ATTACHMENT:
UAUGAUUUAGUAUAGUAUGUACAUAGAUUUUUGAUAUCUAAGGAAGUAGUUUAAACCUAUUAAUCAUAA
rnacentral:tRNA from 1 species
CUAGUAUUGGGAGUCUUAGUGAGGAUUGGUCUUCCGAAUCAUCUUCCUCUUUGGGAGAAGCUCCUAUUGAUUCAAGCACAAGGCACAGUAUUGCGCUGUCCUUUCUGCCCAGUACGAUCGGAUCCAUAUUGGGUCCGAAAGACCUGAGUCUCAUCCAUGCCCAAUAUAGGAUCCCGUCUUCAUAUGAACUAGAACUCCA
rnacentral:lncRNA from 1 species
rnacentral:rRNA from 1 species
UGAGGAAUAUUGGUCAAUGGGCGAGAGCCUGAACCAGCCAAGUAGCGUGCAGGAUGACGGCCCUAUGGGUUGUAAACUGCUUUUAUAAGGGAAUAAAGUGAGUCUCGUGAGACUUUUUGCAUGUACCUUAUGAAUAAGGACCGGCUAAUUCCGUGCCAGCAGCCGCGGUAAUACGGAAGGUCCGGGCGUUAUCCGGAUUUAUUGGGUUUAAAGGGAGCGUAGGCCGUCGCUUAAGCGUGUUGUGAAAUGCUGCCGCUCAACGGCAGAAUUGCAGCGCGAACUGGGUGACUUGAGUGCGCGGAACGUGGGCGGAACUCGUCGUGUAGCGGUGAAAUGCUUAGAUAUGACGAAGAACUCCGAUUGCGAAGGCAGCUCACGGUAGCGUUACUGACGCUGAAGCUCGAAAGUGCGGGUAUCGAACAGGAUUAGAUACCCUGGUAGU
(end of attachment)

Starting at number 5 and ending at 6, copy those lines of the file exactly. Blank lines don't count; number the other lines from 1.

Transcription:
rnacentral:rRNA from 1 species
UGAGGAAUAUUGGUCAAUGGGCGAGAGCCUGAACCAGCCAAGUAGCGUGCAGGAUGACGGCCCUAUGGGUUGUAAACUGCUUUUAUAAGGGAAUAAAGUGAGUCUCGUGAGACUUUUUGCAUGUACCUUAUGAAUAAGGACCGGCUAAUUCCGUGCCAGCAGCCGCGGUAAUACGGAAGGUCCGGGCGUUAUCCGGAUUUAUUGGGUUUAAAGGGAGCGUAGGCCGUCGCUUAAGCGUGUUGUGAAAUGCUGCCGCUCAACGGCAGAAUUGCAGCGCGAACUGGGUGACUUGAGUGCGCGGAACGUGGGCGGAACUCGUCGUGUAGCGGUGAAAUGCUUAGAUAUGACGAAGAACUCCGAUUGCGAAGGCAGCUCACGGUAGCGUUACUGACGCUGAAGCUCGAAAGUGCGGGUAUCGAACAGGAUUAGAUACCCUGGUAGU